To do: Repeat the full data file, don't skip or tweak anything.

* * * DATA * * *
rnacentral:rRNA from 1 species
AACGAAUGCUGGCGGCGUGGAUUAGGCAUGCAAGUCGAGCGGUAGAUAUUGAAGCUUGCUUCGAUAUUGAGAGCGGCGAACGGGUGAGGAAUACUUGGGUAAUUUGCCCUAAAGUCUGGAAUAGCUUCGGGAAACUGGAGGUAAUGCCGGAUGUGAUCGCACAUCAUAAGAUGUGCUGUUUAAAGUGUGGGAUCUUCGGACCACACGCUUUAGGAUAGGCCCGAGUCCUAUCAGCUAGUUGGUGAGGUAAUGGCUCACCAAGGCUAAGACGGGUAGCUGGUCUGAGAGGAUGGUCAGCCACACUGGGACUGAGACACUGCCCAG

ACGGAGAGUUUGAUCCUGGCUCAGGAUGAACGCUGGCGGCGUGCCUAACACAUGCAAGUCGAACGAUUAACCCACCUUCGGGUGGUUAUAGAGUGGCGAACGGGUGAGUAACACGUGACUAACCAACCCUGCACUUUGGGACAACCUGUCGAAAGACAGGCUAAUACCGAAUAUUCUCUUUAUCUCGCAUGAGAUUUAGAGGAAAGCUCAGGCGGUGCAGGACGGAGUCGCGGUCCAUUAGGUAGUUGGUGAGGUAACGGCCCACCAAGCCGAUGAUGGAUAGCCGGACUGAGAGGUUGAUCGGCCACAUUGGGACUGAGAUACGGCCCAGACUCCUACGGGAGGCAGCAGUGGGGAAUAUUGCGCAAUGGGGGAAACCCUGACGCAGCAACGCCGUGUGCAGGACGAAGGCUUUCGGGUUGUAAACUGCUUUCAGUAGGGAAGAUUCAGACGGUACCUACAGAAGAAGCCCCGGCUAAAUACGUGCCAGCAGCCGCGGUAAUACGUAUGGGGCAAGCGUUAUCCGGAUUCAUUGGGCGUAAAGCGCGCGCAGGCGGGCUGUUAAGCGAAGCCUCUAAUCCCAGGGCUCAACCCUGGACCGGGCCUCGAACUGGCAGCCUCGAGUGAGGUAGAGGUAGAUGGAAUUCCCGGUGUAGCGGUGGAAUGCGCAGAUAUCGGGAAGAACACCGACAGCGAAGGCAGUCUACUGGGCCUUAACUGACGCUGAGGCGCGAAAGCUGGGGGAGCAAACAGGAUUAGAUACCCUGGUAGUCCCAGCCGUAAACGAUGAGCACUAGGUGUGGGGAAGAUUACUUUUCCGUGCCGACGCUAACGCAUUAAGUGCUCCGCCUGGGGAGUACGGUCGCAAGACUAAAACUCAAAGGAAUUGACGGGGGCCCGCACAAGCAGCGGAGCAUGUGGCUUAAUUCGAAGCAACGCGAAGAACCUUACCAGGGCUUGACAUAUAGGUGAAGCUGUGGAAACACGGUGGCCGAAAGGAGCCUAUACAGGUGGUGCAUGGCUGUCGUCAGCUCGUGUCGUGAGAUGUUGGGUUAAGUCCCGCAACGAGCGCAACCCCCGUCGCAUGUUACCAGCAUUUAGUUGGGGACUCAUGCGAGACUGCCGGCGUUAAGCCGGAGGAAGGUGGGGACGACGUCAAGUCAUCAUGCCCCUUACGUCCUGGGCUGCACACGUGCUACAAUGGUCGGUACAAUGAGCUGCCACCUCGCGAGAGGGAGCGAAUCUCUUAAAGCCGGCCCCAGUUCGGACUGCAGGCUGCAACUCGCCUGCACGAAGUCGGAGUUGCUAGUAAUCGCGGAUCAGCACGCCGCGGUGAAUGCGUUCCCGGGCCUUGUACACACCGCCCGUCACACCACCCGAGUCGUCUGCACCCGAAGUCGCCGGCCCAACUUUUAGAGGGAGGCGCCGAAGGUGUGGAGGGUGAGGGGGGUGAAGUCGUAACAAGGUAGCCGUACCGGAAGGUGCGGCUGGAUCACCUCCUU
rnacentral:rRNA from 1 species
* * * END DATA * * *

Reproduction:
rnacentral:rRNA from 1 species
AACGAAUGCUGGCGGCGUGGAUUAGGCAUGCAAGUCGAGCGGUAGAUAUUGAAGCUUGCUUCGAUAUUGAGAGCGGCGAACGGGUGAGGAAUACUUGGGUAAUUUGCCCUAAAGUCUGGAAUAGCUUCGGGAAACUGGAGGUAAUGCCGGAUGUGAUCGCACAUCAUAAGAUGUGCUGUUUAAAGUGUGGGAUCUUCGGACCACACGCUUUAGGAUAGGCCCGAGUCCUAUCAGCUAGUUGGUGAGGUAAUGGCUCACCAAGGCUAAGACGGGUAGCUGGUCUGAGAGGAUGGUCAGCCACACUGGGACUGAGACACUGCCCAG

ACGGAGAGUUUGAUCCUGGCUCAGGAUGAACGCUGGCGGCGUGCCUAACACAUGCAAGUCGAACGAUUAACCCACCUUCGGGUGGUUAUAGAGUGGCGAACGGGUGAGUAACACGUGACUAACCAACCCUGCACUUUGGGACAACCUGUCGAAAGACAGGCUAAUACCGAAUAUUCUCUUUAUCUCGCAUGAGAUUUAGAGGAAAGCUCAGGCGGUGCAGGACGGAGUCGCGGUCCAUUAGGUAGUUGGUGAGGUAACGGCCCACCAAGCCGAUGAUGGAUAGCCGGACUGAGAGGUUGAUCGGCCACAUUGGGACUGAGAUACGGCCCAGACUCCUACGGGAGGCAGCAGUGGGGAAUAUUGCGCAAUGGGGGAAACCCUGACGCAGCAACGCCGUGUGCAGGACGAAGGCUUUCGGGUUGUAAACUGCUUUCAGUAGGGAAGAUUCAGACGGUACCUACAGAAGAAGCCCCGGCUAAAUACGUGCCAGCAGCCGCGGUAAUACGUAUGGGGCAAGCGUUAUCCGGAUUCAUUGGGCGUAAAGCGCGCGCAGGCGGGCUGUUAAGCGAAGCCUCUAAUCCCAGGGCUCAACCCUGGACCGGGCCUCGAACUGGCAGCCUCGAGUGAGGUAGAGGUAGAUGGAAUUCCCGGUGUAGCGGUGGAAUGCGCAGAUAUCGGGAAGAACACCGACAGCGAAGGCAGUCUACUGGGCCUUAACUGACGCUGAGGCGCGAAAGCUGGGGGAGCAAACAGGAUUAGAUACCCUGGUAGUCCCAGCCGUAAACGAUGAGCACUAGGUGUGGGGAAGAUUACUUUUCCGUGCCGACGCUAACGCAUUAAGUGCUCCGCCUGGGGAGUACGGUCGCAAGACUAAAACUCAAAGGAAUUGACGGGGGCCCGCACAAGCAGCGGAGCAUGUGGCUUAAUUCGAAGCAACGCGAAGAACCUUACCAGGGCUUGACAUAUAGGUGAAGCUGUGGAAACACGGUGGCCGAAAGGAGCCUAUACAGGUGGUGCAUGGCUGUCGUCAGCUCGUGUCGUGAGAUGUUGGGUUAAGUCCCGCAACGAGCGCAACCCCCGUCGCAUGUUACCAGCAUUUAGUUGGGGACUCAUGCGAGACUGCCGGCGUUAAGCCGGAGGAAGGUGGGGACGACGUCAAGUCAUCAUGCCCCUUACGUCCUGGGCUGCACACGUGCUACAAUGGUCGGUACAAUGAGCUGCCACCUCGCGAGAGGGAGCGAAUCUCUUAAAGCCGGCCCCAGUUCGGACUGCAGGCUGCAACUCGCCUGCACGAAGUCGGAGUUGCUAGUAAUCGCGGAUCAGCACGCCGCGGUGAAUGCGUUCCCGGGCCUUGUACACACCGCCCGUCACACCACCCGAGUCGUCUGCACCCGAAGUCGCCGGCCCAACUUUUAGAGGGAGGCGCCGAAGGUGUGGAGGGUGAGGGGGGUGAAGUCGUAACAAGGUAGCCGUACCGGAAGGUGCGGCUGGAUCACCUCCUU
rnacentral:rRNA from 1 species